CUSTOMER RELATIONSHIP MANAGEMENT (CRM)
In addition to working with partners called partner relationship management (PRM) many countries are intent on developing stronger bonds with their customers called customer relationship management (CRM). This is the process of managing detailed information about individual customers and carefully managing all customer â€œtouch pointsâ€? to maximize customer loyalty. A customer touch point is any occasion on which a customer encounters the brand and productâ€”from actual experience to personal or mass communication to casual observation. For a hotel, the touch points include reservations, check-in and check-out, frequent-stay programs, room service, business services, exercise facilities, laundry service, restaurants, and bars. For instance the Four Seasons relies on personal touches, such as a staff that always addresses guests by name, high-powered employees who understand the needs of sophisticated business travelers, and at least one best-in-region facility, such as a premier restaurant or spa.
Customer relationship management enables companies to provide excellent real-time customer service through the effective use of individual account information. Based on what they know about each valued customer, companies can customize market offerings, services, programs, messages, and media. CRM is important because a major driver of company profitability is the aggregate value of the companyâ€™s customer base. A pioneer in the application of CRM techniques is Harrahâ€™s Entertainment.
* Identify your prospects and customers. Do not go after everyone. Build, maintain, and mine a rich customer database with information derived from all the channels and customer touch points
* Differentiate customers in terms of (1) their needs and (2) their value to your company. Spend proportionately more effort on the most valuable customers (MVC). Apply Activity Based Costing and calculate customer lifetime value. Estimating net present value of all future profits coming from purchases, margin levels, and referrals, less customer-specific servicing costs.
* Interact with individual customers to improve your knowledge about their individual needs and to build stronger relationships. Formulate customized offerings that are communicated in a personalized way.
* Customize products, services, and messages to each customer. Facilitate customer/company interaction through the company contact center ad Wed site.
A key driver of shareholder value is the aggregate value of the customer base. Winning companies improve the value of their customer base by excelling at strategies such as the following:
(A) Reducing the rate of customer defection.
Whole Foods, the worldâ€™s largest retailer of natural and organic foods, woos customers with a commitment to marketing the best foods, and a team concept for employees. Selecting and training employees to be knowledgeable and friendly increases the likelihood that the inevitable shopping questions from customers will be answered satisfactorily.
(B) Increasing the longevity of the customer relationship.
The more involved a customer is with the company, the more likely he or she is to stick around. Some companies treat their customers as partners especially in business â€“to-business markets soliciting their help in design of new products or improving their customer service. Instant Web Companies (IWCO), a Chanhassen, Minnesota, direct mail printer, launched a monthly Customer Spotlight programs where guest companies provide an overview of their business and direct-mail programs and comment on IWCO practices, product, and services. IWCO staff not only gains exposure to customers, but also develops a broader perspective on customersâ€™ business and marketing objectives and how to add value and identify options that help meet their customersâ€™ goals.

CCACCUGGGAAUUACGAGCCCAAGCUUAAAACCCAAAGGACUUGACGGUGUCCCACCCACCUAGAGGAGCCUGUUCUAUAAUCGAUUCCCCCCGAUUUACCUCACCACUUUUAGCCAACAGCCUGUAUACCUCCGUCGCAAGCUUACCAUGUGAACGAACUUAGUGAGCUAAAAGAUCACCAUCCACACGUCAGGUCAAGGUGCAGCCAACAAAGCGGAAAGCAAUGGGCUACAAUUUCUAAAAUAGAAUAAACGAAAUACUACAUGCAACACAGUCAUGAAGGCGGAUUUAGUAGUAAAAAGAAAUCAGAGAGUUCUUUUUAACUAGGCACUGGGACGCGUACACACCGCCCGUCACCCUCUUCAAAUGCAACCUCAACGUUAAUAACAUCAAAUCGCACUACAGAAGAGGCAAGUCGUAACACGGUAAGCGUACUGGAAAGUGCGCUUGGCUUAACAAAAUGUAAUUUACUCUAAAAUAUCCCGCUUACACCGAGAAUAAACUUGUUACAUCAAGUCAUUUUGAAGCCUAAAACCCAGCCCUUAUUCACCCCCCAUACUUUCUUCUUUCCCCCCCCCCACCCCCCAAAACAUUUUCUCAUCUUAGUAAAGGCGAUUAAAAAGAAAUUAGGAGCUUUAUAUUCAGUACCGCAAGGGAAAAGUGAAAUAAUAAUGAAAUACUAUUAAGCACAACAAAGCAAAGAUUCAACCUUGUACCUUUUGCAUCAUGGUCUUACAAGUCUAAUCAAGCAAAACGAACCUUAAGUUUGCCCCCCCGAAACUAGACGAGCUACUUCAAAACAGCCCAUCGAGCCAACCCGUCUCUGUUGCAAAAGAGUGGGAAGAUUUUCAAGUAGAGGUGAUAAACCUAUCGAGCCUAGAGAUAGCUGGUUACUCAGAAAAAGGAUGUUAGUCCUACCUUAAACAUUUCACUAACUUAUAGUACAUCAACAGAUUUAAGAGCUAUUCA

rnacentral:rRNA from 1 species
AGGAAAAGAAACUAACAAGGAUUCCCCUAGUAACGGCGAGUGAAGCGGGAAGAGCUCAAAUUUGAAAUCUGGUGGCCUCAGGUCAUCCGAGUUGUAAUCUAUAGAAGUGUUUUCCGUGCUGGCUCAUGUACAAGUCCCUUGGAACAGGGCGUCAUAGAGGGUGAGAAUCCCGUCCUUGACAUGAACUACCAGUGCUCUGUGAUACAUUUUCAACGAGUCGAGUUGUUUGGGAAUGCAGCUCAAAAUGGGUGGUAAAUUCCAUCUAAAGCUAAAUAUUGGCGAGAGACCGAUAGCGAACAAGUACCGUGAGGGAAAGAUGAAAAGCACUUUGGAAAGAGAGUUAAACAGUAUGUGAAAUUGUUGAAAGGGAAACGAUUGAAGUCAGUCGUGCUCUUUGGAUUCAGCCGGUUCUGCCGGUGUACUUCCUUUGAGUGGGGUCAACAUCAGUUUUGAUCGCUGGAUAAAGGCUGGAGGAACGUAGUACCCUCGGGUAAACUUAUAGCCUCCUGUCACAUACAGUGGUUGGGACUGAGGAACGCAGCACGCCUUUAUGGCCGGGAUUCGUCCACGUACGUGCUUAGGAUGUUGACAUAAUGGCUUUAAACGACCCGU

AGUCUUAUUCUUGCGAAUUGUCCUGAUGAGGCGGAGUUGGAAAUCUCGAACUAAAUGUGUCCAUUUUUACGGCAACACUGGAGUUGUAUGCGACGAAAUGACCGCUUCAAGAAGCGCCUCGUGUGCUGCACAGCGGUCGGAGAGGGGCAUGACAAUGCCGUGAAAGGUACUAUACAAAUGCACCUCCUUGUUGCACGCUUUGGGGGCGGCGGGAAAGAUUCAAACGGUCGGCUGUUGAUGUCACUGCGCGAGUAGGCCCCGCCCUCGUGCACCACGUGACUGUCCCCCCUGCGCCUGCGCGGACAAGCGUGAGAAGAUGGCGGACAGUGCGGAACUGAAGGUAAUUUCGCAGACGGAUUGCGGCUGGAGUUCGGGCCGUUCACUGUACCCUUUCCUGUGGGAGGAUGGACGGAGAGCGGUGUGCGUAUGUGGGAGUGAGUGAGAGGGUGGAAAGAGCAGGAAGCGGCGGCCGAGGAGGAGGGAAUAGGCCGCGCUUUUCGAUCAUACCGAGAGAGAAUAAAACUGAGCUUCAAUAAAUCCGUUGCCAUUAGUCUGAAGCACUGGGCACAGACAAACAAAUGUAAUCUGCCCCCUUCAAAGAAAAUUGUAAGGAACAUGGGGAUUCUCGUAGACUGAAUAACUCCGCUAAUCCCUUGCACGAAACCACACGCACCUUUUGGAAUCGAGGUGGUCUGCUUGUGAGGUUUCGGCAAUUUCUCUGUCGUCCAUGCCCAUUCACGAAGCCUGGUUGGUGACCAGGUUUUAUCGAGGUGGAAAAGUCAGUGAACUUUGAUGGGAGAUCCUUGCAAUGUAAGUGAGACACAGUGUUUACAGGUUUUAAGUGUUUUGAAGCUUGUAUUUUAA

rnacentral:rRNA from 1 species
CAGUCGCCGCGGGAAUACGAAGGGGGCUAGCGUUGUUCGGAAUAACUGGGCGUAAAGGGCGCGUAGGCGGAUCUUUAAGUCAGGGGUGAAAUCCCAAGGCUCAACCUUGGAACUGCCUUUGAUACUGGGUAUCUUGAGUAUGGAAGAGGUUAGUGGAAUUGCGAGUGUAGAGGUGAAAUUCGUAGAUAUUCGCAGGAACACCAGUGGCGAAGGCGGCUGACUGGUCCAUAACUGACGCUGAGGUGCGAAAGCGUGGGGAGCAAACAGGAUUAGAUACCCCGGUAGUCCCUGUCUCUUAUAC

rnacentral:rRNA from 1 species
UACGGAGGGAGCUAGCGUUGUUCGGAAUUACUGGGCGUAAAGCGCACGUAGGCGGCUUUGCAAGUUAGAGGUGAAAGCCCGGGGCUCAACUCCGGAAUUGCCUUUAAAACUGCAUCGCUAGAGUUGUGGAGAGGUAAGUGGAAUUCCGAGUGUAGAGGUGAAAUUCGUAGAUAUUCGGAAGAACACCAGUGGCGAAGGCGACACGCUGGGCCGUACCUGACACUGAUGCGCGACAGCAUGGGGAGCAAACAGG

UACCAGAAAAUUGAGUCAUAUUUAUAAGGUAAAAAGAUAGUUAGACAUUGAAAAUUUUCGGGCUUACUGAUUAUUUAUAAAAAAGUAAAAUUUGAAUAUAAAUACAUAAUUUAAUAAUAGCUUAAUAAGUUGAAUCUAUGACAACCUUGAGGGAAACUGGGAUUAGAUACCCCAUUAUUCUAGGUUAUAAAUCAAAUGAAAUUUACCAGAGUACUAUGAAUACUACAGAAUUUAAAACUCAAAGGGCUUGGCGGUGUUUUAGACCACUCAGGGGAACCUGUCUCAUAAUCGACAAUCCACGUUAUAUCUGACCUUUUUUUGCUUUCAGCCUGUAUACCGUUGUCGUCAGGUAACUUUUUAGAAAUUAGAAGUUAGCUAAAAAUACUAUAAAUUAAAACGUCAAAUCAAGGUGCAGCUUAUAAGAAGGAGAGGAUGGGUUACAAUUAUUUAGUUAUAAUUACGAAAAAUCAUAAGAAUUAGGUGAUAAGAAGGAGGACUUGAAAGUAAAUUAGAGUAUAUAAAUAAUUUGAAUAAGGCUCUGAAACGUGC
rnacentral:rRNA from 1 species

(C) Enhancing the growth potential of each customer through â€˜shareâ€“of-walletâ€™, cross-selling, and up-selling.
Harley â€“Davidson sells more than motorcycles riding supplements such as gloves, leather jackets, helmets, and sunglasses. Harley dealerships sell more than 3,000 items of clothing some even have their own fitting rooms. Licensed goods sold by others range from the predictable (shot glasses, cue balls, and Zippo cigarette lighters) to the more surprising items (cologne, dolls, and cell phones). Harley-branded merchandise amounted to more than $211 million in company sales in 2003.
(D) Making low-profit customers more profitable or terminating them.
To avoid the direct need for termination, unprofitable customers can be made to buy more or in larger quantities, forgo certain feature or services, or pay higher amounts or fees. Banks, phone companies, and travel agencies are all now charging for once-free services to ensure minimum customer revenue levels.
(E) Focusing disproportionate effort on high-value customers.
The most valuable customers can be treated in a special way. Thoughtful gestures such as birthday greetings, small gifts, or invitations to special sports or arts events can send a strong signal to the customer.
To conclude all the above mentioned practices are already in vogue even in the Asian countries considered as Global Economic powers. Huge malls are coming up in the metros of these countries with very attractive discounted prices of products, transparency in pricing as compared to normal market prices and other gifts, bonus points accumulation for future free purchases and many other incentives.